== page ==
Buffy: Game Over (Updated)

I finished watching Buffy the Vampire Slayer last night. Seven seasons, each with 20-odd episodes. The episodes used to be 42 minutes but they dropped to about 38 in season five with the network jump.

I could write lots of things about what I liked, but it’s a lot easier to write my single complaint. (Well, actually I have some additional complaints, but they’re so minor I wouldn’t bother to write them down, although I might mention them to you if we had a lengthy conversation about the show.)

An interesting thing about the Buffy series is how the writers in their commentaries, and increasingly in the remarks of the characters in the show, made it clear that each season had a “Big Bad”. I guess that was true in the early seasons, but it wasn’t so formulaic as in the later ones. I suppose you need some kind of structure like that. You can’t just stake vamps each episode like it was Joe Friday collaring perps, week after week. I just don’t think it’s wise for Joe Friday to keep mentioning how the perp he just collared is no big deal, because it’s the “Big Bad” that keeps him awake at night.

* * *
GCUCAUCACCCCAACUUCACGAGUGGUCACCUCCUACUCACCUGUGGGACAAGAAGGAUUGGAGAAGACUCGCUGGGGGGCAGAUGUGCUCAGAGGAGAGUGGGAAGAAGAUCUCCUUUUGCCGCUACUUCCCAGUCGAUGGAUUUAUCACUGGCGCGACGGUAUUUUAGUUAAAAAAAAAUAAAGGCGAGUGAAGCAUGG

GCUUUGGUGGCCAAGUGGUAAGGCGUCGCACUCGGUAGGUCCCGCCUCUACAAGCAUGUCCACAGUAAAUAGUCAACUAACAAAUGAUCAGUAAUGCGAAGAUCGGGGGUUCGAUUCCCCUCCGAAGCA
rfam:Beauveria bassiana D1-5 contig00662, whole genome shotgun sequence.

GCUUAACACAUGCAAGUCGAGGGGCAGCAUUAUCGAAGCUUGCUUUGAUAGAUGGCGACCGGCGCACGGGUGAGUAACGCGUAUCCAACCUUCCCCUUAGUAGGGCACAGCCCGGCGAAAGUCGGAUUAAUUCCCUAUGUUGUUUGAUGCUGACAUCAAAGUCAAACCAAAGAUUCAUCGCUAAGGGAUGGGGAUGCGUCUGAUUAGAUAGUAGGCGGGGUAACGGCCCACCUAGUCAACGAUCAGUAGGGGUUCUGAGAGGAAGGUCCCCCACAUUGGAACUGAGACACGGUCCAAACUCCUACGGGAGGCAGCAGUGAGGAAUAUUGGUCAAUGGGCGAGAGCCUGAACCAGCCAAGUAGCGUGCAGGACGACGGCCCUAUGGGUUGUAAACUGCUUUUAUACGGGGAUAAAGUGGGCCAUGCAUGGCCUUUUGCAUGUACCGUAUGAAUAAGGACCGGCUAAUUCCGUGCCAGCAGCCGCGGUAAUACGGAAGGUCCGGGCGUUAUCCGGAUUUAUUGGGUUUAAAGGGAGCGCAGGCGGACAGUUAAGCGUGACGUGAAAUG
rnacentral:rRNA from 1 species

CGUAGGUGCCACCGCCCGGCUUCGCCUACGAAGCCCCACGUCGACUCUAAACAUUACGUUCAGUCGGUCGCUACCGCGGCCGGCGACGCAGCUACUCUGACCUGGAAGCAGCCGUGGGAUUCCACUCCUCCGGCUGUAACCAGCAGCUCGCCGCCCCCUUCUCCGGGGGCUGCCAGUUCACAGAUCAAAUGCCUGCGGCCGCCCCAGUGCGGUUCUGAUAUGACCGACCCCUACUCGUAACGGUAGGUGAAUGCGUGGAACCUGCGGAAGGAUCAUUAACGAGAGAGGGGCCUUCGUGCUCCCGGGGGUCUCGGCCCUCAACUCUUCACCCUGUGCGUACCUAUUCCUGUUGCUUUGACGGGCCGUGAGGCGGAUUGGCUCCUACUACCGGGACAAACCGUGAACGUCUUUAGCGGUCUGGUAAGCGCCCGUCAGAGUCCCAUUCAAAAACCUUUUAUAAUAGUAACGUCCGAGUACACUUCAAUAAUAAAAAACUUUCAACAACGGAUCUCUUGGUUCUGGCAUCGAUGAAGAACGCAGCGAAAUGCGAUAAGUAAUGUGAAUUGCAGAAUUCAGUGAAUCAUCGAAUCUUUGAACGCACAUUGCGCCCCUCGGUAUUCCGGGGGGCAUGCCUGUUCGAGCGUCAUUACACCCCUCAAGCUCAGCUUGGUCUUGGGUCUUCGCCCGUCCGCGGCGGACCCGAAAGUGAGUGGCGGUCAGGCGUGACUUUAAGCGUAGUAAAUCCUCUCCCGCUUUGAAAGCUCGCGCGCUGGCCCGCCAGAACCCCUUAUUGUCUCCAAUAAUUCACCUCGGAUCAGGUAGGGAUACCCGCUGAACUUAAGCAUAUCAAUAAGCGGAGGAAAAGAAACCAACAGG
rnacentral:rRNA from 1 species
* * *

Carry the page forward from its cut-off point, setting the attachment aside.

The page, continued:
The other problem with this formula is that each season’s “Big Bad” had to be worse than the previous season’s, and, of course, they couldn’t be, because you can only get so bad. So in season four it’s Adam, then in five it’s Glory, the three nerds in six, and finally “The First” in season seven. Ignoring the nerds of season six, there’s a straight progression of increasingly powerful badness. But IMHO there’s also a straight progression of increasingly dull shows.

In short, much as I liked this series, and as much as I wanted it to be excellent right through to the end, I was glad it ended. It’s a good thing that there wasn’t an season eight. It peaked in season two. And a very fine peak it was, too: it took five years to reach nadir, and even season seven, which was my least favorite, was better than some of the other series I’ve tried to get interested in. (For example, Babylon 5 was so bad I couldn’t watch an entire episode. Maybe it got better later, I suppose, but phew-ee! Gong!)

Even in these last three seasons, there were some high points. I liked the musical episode “Once More with Feeling” in season six, and I almost liked the episode in season five where Joyce dies. “Hush” in season four deserved its kudos. Willow got better and better, while Xander always seemed underutilized. I got to the point where I didn’t detest Dawn, and Anya was a delight right to the end. However, I believe the best thing about seasons five through seven was how they made me feel about Firefly. Now I’m a little less sorry about Firefly getting cancelled. I wish instead of 14 episodes it had run for three years … but if it had, it might have continued further than would have been good for it.

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